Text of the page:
Chimpanzees’ brains reflect their early childhood experiences


In the 1980s, the NIH began a chimpanzee breeding program. The initiative was meant to produce animals that could be used for future research. While some chimp moms gave their infants the appropriate care needed to support brain development, others struggled to deliver the same parenting. In those instances, the babies were placed in a nursery under human care. Separating the chimps from their mothers was not an intentional experimental design, but it was necessary at the time because of the inadequate treatment their mothers were giving them.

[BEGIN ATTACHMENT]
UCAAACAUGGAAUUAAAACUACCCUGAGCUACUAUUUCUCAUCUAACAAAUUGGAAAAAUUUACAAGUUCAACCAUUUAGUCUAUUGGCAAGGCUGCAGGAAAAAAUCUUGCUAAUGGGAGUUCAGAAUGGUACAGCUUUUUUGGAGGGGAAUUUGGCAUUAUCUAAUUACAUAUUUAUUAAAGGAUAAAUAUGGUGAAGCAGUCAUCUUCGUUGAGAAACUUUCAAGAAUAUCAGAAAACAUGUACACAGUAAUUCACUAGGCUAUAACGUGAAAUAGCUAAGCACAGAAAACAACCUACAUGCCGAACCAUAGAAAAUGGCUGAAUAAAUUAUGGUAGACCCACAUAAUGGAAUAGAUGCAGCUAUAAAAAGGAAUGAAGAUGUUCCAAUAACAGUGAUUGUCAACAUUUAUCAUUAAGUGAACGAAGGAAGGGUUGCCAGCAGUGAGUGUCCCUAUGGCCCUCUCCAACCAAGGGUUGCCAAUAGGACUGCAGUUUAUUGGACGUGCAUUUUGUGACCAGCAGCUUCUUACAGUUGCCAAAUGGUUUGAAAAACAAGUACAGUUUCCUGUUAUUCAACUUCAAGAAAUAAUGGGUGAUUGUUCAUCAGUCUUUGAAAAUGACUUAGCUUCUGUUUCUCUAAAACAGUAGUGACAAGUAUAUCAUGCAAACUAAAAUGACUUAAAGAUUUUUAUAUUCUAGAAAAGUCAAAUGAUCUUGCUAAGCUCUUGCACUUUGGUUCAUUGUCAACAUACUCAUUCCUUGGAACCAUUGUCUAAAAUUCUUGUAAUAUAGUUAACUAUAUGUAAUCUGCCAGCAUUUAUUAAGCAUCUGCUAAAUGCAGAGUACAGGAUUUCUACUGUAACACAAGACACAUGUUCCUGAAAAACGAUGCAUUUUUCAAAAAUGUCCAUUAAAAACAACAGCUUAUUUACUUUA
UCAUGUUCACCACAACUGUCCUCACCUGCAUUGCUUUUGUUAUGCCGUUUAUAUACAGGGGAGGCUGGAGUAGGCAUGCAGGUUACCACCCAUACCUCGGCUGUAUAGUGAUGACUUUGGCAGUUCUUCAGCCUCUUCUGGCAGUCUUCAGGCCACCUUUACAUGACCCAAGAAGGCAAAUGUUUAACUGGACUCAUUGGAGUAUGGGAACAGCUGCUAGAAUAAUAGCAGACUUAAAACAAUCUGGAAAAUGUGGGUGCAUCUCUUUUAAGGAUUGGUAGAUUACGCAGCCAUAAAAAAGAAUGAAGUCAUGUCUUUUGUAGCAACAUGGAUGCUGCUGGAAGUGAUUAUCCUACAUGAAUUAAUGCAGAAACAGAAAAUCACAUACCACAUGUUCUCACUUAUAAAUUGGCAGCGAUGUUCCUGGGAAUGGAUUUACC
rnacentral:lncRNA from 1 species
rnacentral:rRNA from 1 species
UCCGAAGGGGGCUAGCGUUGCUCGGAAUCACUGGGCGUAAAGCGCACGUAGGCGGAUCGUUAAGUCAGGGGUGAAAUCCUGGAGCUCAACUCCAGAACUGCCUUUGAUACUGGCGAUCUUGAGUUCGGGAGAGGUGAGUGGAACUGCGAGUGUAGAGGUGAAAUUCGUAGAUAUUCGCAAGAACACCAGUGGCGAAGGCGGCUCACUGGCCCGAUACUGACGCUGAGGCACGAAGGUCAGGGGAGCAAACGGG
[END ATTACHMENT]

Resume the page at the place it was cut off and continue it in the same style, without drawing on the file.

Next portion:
Publisher's Version